Having financial problems? Thinking about bankruptcy, but not sure exactly what it is?

Here are the answers to some basic questions about the meaning and implications of bankruptcy.

We know: How Bankruptcy Works

What is bankruptcy?

Federal bankruptcy laws are designed to relieve a person from the pressures of excessive debt by providing a fresh start. By going through the legal procedure to declare bankruptcy, you can discharge some of your debt or you can win time to get back on your feet without harassment by creditors.

The decision to file bankruptcy should be carefully considered. It is a Federal court proceeding which can affect your legal right to keep or to use your property. Once you start a bankruptcy case, it may be impossible to stop.

What are the kinds of bankruptcy available to a person?

There are two main types of bankruptcy available to individuals. In Chapter 7 bankruptcy, your nonexempt assets may be sold to pay creditors while most of your debts are discharged. In Chapter 11 or Chapter 13 bankruptcy, you prepare a reorganization plan to pay off creditors in full or in part. Once you file a bankruptcy petition, an automatic stay prevents creditors from starting or continuing most legal proceedings against you.

What is Chapter 7 bankruptcy?

In Chapter 7 bankruptcy, your nonexempt property may be sold by an appointed trustee, who then makes partial payments to your creditors. You have the right to retain at least a partial interest in certain assets, such as your residence, car, clothing, household appliances and furnishings, life insurance, pensions and tools of your trade. Review Chapter 7 filing fees before making your decision.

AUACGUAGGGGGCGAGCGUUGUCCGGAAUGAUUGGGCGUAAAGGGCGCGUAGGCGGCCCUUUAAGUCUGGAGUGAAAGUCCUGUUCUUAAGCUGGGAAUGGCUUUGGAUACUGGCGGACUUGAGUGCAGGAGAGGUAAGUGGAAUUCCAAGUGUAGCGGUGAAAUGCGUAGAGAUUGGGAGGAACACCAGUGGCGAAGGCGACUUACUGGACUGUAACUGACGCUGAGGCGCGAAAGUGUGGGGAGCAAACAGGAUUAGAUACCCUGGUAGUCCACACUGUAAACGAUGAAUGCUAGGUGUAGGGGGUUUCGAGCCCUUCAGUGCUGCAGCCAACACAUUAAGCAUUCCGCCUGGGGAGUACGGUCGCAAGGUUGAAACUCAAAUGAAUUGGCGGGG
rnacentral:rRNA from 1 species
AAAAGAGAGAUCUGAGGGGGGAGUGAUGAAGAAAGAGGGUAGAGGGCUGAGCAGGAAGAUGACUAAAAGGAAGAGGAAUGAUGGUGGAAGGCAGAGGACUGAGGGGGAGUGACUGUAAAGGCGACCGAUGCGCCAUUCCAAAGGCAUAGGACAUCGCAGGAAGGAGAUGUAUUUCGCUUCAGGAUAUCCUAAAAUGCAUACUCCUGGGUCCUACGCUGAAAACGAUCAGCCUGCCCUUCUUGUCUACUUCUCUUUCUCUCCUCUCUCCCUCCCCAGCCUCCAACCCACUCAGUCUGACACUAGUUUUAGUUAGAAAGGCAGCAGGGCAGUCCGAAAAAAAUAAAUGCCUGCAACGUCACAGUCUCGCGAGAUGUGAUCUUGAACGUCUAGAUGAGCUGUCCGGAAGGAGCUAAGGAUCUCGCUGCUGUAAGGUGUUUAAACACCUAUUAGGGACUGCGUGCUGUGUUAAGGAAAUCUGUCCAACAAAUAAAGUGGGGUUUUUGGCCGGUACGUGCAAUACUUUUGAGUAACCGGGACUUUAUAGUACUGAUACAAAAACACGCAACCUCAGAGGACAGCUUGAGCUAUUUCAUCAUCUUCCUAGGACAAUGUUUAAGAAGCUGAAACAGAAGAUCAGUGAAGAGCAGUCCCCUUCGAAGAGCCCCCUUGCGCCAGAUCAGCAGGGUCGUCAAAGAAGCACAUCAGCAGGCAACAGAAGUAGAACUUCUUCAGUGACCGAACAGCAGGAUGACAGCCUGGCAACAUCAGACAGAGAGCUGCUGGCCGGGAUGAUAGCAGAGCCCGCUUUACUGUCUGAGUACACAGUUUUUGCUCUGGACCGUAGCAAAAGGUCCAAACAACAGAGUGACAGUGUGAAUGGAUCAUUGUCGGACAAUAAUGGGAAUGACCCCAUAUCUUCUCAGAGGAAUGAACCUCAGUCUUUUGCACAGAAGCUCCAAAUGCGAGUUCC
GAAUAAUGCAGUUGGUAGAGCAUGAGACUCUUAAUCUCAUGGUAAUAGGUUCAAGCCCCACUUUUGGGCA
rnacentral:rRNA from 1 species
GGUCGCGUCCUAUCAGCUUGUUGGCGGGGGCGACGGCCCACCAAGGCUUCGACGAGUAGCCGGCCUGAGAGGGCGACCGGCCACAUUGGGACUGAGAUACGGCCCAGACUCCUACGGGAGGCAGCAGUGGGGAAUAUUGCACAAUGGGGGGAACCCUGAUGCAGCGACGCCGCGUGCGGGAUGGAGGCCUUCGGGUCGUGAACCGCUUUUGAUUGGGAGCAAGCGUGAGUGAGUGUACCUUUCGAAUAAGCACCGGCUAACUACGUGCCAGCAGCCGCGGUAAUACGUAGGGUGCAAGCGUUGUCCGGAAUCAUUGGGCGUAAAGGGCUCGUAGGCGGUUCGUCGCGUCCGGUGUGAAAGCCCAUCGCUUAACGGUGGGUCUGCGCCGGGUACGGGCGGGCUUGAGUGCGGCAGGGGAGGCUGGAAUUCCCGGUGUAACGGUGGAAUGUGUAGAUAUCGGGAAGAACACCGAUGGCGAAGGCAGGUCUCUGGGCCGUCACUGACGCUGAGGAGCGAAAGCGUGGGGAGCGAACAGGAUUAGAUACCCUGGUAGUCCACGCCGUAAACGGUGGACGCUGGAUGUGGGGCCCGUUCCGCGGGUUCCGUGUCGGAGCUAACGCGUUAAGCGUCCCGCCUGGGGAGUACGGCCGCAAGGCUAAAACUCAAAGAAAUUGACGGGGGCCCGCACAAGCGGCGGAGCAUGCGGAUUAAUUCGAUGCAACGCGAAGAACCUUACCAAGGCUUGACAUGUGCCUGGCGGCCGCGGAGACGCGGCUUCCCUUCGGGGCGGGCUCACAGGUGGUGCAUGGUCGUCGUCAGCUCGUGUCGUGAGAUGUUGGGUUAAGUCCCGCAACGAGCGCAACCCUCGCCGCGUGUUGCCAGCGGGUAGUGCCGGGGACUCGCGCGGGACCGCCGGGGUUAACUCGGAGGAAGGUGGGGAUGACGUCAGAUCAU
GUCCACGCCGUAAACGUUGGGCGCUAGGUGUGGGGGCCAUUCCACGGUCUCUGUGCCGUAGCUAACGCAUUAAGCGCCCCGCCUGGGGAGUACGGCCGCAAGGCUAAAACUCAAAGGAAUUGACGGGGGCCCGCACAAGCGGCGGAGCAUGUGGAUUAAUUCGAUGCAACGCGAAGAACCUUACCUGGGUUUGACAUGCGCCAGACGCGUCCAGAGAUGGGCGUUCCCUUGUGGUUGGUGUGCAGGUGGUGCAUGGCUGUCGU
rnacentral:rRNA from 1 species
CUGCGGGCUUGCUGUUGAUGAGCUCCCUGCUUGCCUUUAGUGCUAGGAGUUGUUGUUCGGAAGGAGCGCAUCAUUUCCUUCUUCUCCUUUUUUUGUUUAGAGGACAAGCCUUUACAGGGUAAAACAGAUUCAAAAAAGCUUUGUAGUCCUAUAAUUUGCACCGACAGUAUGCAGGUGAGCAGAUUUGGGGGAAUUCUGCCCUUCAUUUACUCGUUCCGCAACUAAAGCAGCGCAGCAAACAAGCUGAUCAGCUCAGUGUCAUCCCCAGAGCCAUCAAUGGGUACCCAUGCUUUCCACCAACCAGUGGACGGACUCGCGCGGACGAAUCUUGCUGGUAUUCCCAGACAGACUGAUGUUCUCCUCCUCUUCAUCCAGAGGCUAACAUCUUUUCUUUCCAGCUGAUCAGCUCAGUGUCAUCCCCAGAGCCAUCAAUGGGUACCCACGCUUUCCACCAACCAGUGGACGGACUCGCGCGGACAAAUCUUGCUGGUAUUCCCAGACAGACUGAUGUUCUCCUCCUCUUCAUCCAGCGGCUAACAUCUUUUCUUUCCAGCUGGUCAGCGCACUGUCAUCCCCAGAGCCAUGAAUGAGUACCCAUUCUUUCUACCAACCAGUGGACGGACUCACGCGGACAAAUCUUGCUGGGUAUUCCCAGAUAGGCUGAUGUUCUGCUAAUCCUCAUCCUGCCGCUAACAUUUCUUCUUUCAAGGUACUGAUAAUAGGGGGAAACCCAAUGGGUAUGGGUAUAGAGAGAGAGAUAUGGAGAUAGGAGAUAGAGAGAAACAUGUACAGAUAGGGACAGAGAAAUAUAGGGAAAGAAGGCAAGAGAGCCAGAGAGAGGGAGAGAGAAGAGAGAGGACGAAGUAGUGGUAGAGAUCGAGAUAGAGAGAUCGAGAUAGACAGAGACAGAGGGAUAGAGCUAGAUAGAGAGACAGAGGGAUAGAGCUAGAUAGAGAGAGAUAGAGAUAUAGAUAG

What is Chapter 11 bankruptcy?

Chapter 11 bankruptcy is generally used to reorganize a business, although individuals are also eligible. This type of bankruptcy allows a business to continue operating while repaying creditors through a court-approved plan.

What is Chapter 13 bankruptcy?

If you have a regular income, Chapter 13 bankruptcy provides a method for repaying your debt over a period of time, according to a court-approved plan. The period of time allowed ranges from three to five years. Generally, only an individual with unsecured debts of less than $270,000 and secured debts of less than $800,000 is eligible. To file Chapter 13, you must file the appropriate schedules and petitions with the bankruptcy court and pay the filing fee.

How do I file for bankruptcy?

The first step in bankruptcy is to file a petition and schedules at the clerk's office of the federal bankruptcy court. In all but the most basic of cases, it is usually advisable to hire an attorney. Fees may range from $400 to $1,000 or more, depending on the complexity of your case. Be sure to discuss attorney fees up front and ask whether you can pay in installments.

Are there debts that can not be relieved by bankruptcy?

Certain debts cannot be discharged through a bankruptcy proceeding. These include certain taxes, alimony and child support, student loans and some property settlements.

How will bankruptcy affect my credit?

A bankruptcy filing generally will stay on your credit record for up to 10 years, but it need not be a permanent handicap. In fact, there are laws that forbid discrimination against persons who have declared bankruptcy. For example, you may not be denied a job, be denied or evicted from public housing or be denied a driver's license just because you filed for bankruptcy.

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